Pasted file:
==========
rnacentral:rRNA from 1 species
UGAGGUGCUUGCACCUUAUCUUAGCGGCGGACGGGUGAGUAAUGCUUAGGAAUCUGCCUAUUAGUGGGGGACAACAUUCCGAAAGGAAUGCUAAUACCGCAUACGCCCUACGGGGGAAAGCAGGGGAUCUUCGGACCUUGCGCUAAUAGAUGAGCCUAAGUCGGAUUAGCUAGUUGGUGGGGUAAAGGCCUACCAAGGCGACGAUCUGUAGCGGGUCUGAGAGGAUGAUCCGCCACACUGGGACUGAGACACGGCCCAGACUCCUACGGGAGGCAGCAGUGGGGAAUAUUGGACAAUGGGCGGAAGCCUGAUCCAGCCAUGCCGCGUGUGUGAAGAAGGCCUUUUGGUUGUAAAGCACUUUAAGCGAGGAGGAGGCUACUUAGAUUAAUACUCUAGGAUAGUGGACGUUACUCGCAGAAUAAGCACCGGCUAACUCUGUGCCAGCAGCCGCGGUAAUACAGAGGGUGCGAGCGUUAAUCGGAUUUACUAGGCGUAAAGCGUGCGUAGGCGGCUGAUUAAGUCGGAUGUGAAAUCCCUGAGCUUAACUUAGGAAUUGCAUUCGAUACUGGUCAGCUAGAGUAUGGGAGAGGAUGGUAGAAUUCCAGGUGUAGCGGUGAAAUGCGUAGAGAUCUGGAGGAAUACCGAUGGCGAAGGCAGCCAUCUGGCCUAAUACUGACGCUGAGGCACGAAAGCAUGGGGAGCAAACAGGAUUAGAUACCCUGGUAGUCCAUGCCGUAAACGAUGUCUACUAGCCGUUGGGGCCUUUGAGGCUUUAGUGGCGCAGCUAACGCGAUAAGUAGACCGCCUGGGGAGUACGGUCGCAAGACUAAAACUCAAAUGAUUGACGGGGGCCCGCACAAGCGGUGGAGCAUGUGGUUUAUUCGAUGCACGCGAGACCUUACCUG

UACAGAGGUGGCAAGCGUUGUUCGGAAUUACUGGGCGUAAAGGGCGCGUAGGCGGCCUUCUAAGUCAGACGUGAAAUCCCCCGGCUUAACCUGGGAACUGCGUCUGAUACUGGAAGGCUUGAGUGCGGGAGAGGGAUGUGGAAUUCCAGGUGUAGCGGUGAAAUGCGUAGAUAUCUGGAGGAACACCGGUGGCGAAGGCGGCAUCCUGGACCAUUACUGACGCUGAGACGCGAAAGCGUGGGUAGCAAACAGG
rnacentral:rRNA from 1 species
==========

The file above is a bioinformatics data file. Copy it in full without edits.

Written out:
rnacentral:rRNA from 1 species
UGAGGUGCUUGCACCUUAUCUUAGCGGCGGACGGGUGAGUAAUGCUUAGGAAUCUGCCUAUUAGUGGGGGACAACAUUCCGAAAGGAAUGCUAAUACCGCAUACGCCCUACGGGGGAAAGCAGGGGAUCUUCGGACCUUGCGCUAAUAGAUGAGCCUAAGUCGGAUUAGCUAGUUGGUGGGGUAAAGGCCUACCAAGGCGACGAUCUGUAGCGGGUCUGAGAGGAUGAUCCGCCACACUGGGACUGAGACACGGCCCAGACUCCUACGGGAGGCAGCAGUGGGGAAUAUUGGACAAUGGGCGGAAGCCUGAUCCAGCCAUGCCGCGUGUGUGAAGAAGGCCUUUUGGUUGUAAAGCACUUUAAGCGAGGAGGAGGCUACUUAGAUUAAUACUCUAGGAUAGUGGACGUUACUCGCAGAAUAAGCACCGGCUAACUCUGUGCCAGCAGCCGCGGUAAUACAGAGGGUGCGAGCGUUAAUCGGAUUUACUAGGCGUAAAGCGUGCGUAGGCGGCUGAUUAAGUCGGAUGUGAAAUCCCUGAGCUUAACUUAGGAAUUGCAUUCGAUACUGGUCAGCUAGAGUAUGGGAGAGGAUGGUAGAAUUCCAGGUGUAGCGGUGAAAUGCGUAGAGAUCUGGAGGAAUACCGAUGGCGAAGGCAGCCAUCUGGCCUAAUACUGACGCUGAGGCACGAAAGCAUGGGGAGCAAACAGGAUUAGAUACCCUGGUAGUCCAUGCCGUAAACGAUGUCUACUAGCCGUUGGGGCCUUUGAGGCUUUAGUGGCGCAGCUAACGCGAUAAGUAGACCGCCUGGGGAGUACGGUCGCAAGACUAAAACUCAAAUGAUUGACGGGGGCCCGCACAAGCGGUGGAGCAUGUGGUUUAUUCGAUGCACGCGAGACCUUACCUG

UACAGAGGUGGCAAGCGUUGUUCGGAAUUACUGGGCGUAAAGGGCGCGUAGGCGGCCUUCUAAGUCAGACGUGAAAUCCCCCGGCUUAACCUGGGAACUGCGUCUGAUACUGGAAGGCUUGAGUGCGGGAGAGGGAUGUGGAAUUCCAGGUGUAGCGGUGAAAUGCGUAGAUAUCUGGAGGAACACCGGUGGCGAAGGCGGCAUCCUGGACCAUUACUGACGCUGAGACGCGAAAGCGUGGGUAGCAAACAGG
rnacentral:rRNA from 1 species